Portland leaders condemn ongoing violence by 'anarchists'

FILE- This March 12, 2021, file photo released by Portland Police Bureau shows smashed windows left behind by people inside the perimeter of a march by a group of about 100 hundred protesters Friday night in Portland, Ore. Portland Mayor Wheeler on Monday, Mach 15, 2021 called for an end to violence and property destruction after businesses were damaged over the weekend. Oregon's largest city has seen a series of often violent protests following the police killing of George Floyd in Minneapolis. (Portland Police Department via AP, File)
FILE- This March 12, 2021, file photo released by Portland Police Bureau shows smashed windows left behind by people inside the perimeter of a march by a group of about 100 hundred protesters Friday night in Portland, Ore. Portland Mayor Wheeler on Monday, Mach 15, 2021 called for an end to violence and property destruction after businesses were damaged over the weekend. Oregon's largest city has seen a series of often violent protests following the police killing of George Floyd in Minneapolis. (Portland Police Department via AP, File)

PORTLAND, Ore. – Leaders and elected officials in Portland, Oregon, came together Monday to demand an end to violence, criminal destruction and intimidation by “anarchists” as destructive protests continue in the city.

For nearly nine months protesters have called for police reform and an end to systemic racism in Portland, which has become a key city in the country's racial reckoning. While officials say many events have been peaceful, there continues to be small groups smashing windows of businesses, threatening community members and assaulting police.

“The community is sick and tired of people engaging in criminal destruction and violence and doing it under the guise of some noble cause," Mayor Ted Wheeler said during a news conference.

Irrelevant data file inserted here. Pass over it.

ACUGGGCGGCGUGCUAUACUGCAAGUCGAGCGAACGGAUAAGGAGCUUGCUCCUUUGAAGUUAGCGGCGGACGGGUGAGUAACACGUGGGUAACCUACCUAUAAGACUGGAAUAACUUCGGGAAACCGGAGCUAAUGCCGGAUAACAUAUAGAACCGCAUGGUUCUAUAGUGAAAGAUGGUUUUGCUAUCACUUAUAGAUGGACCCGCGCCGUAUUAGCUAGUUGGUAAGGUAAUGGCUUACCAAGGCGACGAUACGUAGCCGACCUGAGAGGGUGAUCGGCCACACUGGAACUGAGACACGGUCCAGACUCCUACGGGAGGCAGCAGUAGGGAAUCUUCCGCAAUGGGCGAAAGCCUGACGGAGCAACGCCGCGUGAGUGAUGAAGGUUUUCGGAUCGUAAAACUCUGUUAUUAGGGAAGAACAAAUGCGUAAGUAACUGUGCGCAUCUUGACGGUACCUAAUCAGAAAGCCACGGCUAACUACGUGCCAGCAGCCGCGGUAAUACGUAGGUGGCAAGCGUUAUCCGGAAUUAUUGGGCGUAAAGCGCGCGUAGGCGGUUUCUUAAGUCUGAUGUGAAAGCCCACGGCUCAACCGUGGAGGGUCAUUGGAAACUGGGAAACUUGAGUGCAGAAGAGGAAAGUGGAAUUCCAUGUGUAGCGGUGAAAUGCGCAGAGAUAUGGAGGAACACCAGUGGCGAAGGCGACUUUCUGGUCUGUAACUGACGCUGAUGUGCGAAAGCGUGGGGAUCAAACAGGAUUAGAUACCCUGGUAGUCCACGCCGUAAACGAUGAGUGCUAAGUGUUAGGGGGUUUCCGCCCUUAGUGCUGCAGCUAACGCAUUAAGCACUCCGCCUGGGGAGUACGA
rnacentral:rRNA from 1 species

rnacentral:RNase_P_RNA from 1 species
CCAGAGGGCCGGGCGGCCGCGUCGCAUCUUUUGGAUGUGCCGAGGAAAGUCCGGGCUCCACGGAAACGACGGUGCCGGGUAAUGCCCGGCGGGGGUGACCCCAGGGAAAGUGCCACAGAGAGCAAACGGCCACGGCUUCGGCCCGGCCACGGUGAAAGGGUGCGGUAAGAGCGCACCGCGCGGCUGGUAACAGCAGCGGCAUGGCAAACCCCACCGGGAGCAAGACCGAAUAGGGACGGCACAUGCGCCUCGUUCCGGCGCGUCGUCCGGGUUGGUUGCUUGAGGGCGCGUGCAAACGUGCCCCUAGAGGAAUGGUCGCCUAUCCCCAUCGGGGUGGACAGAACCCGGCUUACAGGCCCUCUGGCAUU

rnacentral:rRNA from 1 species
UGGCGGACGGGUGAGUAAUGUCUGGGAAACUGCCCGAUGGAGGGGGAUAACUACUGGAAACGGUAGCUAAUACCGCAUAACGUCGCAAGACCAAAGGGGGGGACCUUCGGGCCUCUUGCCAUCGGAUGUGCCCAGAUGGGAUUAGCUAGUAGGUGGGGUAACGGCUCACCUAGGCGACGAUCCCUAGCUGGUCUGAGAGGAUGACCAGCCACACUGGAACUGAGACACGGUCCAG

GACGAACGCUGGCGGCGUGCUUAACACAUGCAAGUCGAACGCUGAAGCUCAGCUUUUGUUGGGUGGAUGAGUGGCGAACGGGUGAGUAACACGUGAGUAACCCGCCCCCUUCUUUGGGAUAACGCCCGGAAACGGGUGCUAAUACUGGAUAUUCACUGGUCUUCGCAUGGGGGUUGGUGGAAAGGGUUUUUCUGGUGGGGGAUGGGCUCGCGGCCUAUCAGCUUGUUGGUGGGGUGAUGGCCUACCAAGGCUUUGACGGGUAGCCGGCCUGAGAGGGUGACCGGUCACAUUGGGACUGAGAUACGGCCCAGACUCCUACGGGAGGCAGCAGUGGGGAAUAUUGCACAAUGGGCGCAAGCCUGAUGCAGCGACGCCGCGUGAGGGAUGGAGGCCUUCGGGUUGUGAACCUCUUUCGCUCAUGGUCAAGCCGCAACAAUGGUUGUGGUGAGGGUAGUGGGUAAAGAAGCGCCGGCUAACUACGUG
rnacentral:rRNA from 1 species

Images of the city spread across the country during the summer — photos of people grieving the death of George Floyd, thousands of people laying down on a city bridge with their hands on their back, and people carrying “Black Lives Matter” signs.

Other photos showed officers emerging from clouds of tear gas, dozens of people dressed in all black and throwing fireworks at officers and rows of businesses with plywood covering windows.

In the background of many of the images is the Mark O. Hatfield Federal Courthouse, where federal officers had been stationed. Last week, fencing around the building was removed only to be reinstalled Sunday after multiple protests and vandalism in and around the building.

“The people who work here support the voices of racial and social justice and will not be intimidated from doing our jobs by the ugly graffiti or broken windows,” said Scott Erik Asphaug, U.S. attorney for the District of Oregon. “We do not confuse the voices of the many with the shouts of the few who hope to hold our city hostage by petty crime and violence.”

The Oregonian/OregonLive reported the Department of Justice has paid more than $1.5 million to repair damage to the courthouse.